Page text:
Album of the Week 20-2013: Marillion – Brave


Progressive Rock is quite likely the only genre where you could still get away with releasing a concept album in the mid-nineties. While record label EMI was urging the band to do a quick album with a few hit singles, Marillion spent fifteen months in a French castle, writing and recording what became the best album of their long carreer. Hit singles were few and far between on this record. Instead, ‘Brave’ became a highly complex and richly layered Prog record telling the story of a troubled girl in seventy minutes of immaculately produced, stunning music.

Marillion is one of those bands that produce concept albums that you want to listen to in their entirity. Especially because many of the songs are so linked with the concept, that it would be hard to single a couple of them out. Sure, ‘Misplaced Childhood’ had the monster hit Kayleigh and this one has ‘Hard As Love’, ‘Paper Lies’ and ‘The Lap Of Luxury’ that – admittedly with some imagination – could be seen as singles, but eventually, hearing this album leaves you unsatisfied when not hearing the whole thing. But then again, isn’t that the essence of a good album?

Those of you looking for something easy to bang your head to should better look for something else, but they wouldn’t end up with a Marillion album anyway. ‘Brave’ is an introspective, yet very dynamic album with a perfect tension build-up, so that when Steve Rothery’s guitar adds even a slight edge to its lyrical, David Gilmour-like sound, you really feel it in your gut. Steve Hogarth has the flexible voice to move along with every direction the album takes, able to take the listener with him trough both fragility and melodrama, and Mark Kelly adds most of the atmosphere with layers of subtle keyboard work. However, it’s the fact that no one ever takes the lead that this album works so well; everyone is extremely servicable to the music and the concept.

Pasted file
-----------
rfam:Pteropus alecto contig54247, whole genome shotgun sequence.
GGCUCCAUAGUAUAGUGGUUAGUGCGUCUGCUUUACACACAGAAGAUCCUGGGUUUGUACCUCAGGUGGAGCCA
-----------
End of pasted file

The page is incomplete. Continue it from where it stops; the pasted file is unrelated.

Selecting separate highlights for an album like this is really senseless, but there are a few standout moments. Hogarth’s passionate vocal delivery on ‘Runaway’ is a guarantee for goosebumps, the climax of ‘Paper Lies’ is simply thrilling, the sparse instrumentation of the title track is hypnotizing and captivating (check out Pete Trewavas’ brilliant bass line!), ‘Living With The Big Lie’ contains a couple of brilliant leads courtesy of Rothery and the epic, multi-part suite ‘Goodbye To All That’ features the entire band firing on all cylinders.

As is the case with the best concept albums, everything is taken care of on ‘Brave’. The production is flawless. Of course you can’t expect any less from a production that took a year and a half, but the sound has just the right amount of reverb and allows you to be a part of the whole thing. And then there’s the iconic album cover. To sum it all up: ‘Brave’ is one of the greatest concept albums of all time. It just needs to be heard and according to Steve Hogarth, it works best in the dark with headphones on. A sound system with a good subwoofer works quite well too.

Recommended tracks: ‘Goodbye To All That’, ‘Runaway’, ‘Living With The Big Lie’

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